Samurai Museum Tokyo vs Samurai Museum Kyoto
Samurai Museum Tokyo or Samurai Museum Kyoto: Review
If you are a samurai and martial arts fan like me, you may want to stop by one of the Japanese museums to explore the impressive history and culture of the great warriors of ancient Japan. Luckily the two main hubs, Tokyo and Kyoto, have special samurai-focused museums that will provide you a glimpse of how the feudal Japan looked like and how these unsung heroes lived and died for honor.
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Tokyo Samurai Museum vs. Kyoto Samurai & Ninja Museum
I was fortunate enough to visit both Tokyo Samurai Museum and Kyoto Samurai & Ninja Museum at the end of 2018, and I provided my review below. I realized both had pros and cons. Overall my favorite was Kyoto Samurai & Ninja Museum because I enjoyed the hands on samurai and ninja experiences that are included in the standard ticket along with the engaging history tour. Here is my take on both venues:
Samurai museum Tokyo is located in Shinjuku , relatively convenient area with a catch. It is surrounded by host clubs and at night the area is considered to be the red light district of Tokyo. The closest train station is Shinjuku Station, the closest landmark is the Godzilla head.
Samurai & Ninja Museum Kyoto is located in the downtown Kyoto area right next to Nishiki Market which is a walking distance from the Kiyomizu Temple, the Gion area and a number of historic temples. The closest station is Kawaramachi Subway station and the closest landmark is the Nijo Castle.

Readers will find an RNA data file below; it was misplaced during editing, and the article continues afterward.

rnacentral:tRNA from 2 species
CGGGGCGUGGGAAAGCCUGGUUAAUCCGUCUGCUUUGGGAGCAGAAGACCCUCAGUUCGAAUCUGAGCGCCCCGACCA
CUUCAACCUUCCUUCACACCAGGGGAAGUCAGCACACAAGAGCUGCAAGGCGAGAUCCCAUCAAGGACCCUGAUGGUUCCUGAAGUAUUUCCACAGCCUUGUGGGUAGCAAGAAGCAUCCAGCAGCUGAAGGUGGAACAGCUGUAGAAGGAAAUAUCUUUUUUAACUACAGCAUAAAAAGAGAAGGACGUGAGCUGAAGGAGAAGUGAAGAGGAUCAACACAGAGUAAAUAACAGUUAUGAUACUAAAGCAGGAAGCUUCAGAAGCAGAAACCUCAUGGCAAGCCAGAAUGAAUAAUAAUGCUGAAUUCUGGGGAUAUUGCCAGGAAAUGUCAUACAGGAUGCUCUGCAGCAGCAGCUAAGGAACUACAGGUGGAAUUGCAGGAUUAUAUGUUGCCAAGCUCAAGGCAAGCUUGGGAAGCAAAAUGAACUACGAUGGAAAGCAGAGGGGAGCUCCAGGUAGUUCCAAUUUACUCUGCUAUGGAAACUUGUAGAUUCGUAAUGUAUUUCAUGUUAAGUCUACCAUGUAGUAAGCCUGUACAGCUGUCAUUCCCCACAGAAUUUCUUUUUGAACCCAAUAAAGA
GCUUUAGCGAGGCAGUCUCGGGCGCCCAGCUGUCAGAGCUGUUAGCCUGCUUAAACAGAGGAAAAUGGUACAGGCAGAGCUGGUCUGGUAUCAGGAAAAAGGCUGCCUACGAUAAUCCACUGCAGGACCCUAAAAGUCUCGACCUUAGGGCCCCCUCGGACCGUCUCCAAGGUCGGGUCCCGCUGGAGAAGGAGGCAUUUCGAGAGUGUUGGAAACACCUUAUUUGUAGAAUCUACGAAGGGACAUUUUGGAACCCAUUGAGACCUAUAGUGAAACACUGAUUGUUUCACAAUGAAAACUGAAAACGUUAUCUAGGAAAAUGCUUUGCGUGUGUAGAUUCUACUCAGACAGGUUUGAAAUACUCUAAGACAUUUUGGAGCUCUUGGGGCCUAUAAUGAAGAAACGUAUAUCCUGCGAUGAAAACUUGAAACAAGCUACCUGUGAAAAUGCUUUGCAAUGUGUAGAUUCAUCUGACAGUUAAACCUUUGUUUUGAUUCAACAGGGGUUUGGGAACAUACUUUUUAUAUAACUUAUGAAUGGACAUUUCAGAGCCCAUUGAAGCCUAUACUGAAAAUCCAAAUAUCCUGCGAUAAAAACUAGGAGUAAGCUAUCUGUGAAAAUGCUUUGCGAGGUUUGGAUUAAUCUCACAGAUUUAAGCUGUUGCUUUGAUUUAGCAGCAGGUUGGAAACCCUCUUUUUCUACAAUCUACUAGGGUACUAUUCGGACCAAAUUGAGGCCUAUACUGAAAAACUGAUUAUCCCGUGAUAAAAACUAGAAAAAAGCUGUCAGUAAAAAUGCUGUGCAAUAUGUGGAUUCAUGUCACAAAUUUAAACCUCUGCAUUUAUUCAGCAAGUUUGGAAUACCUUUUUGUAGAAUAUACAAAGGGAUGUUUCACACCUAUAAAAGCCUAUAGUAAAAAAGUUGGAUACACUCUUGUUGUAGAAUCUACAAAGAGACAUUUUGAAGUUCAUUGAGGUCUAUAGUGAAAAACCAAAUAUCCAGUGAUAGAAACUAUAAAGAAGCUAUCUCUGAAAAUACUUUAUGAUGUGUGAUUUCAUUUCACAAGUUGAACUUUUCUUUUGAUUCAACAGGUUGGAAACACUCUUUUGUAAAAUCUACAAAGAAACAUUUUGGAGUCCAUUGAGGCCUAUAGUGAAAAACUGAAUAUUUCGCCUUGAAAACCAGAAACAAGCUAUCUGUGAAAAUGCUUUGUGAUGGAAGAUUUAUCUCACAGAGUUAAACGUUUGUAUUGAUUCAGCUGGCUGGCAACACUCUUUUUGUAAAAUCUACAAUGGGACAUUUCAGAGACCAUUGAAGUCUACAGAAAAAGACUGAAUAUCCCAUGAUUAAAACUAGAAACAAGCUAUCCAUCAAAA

Winner: Kyoto Samurai & Ninja Museum for groups and families. For solo travelers both locations are OK.
The samurai museum in Tokyo had a limited helmet wearing experience which was OK while in Kyoto we could put up a full body armor and choose from various real samurai helmets (more than 20 types). The Kyoto museum also had ninja experiences; each of us got to use a ninja blow gun and throw ninja stars. Kyoto is historically a samurai city, so it fit well in the itinerary. Additionally, The museum in Kyoto offers samurai sword lessons and real sword tatami cutting experiences several times a day for an an extra fee.
Winner: Kyoto Samurai & Ninja Museum
Both museums have about the same number of a full set of armors (about 10~15) some from the Edo period and some replicas. Both museums consist of 2 floors and about 6 rooms. The room lighting and the glass cases were better in Tokyo on the other hand you can get very close to the centuries-old armors in Kyoto. The samurai museum in Tokyo has more rifles while the samurai museum in Kyoto has more ninja artifacts and more samurai sword displays. Both museums allow photos (which is rare in Japan) and both museums forbid video filming.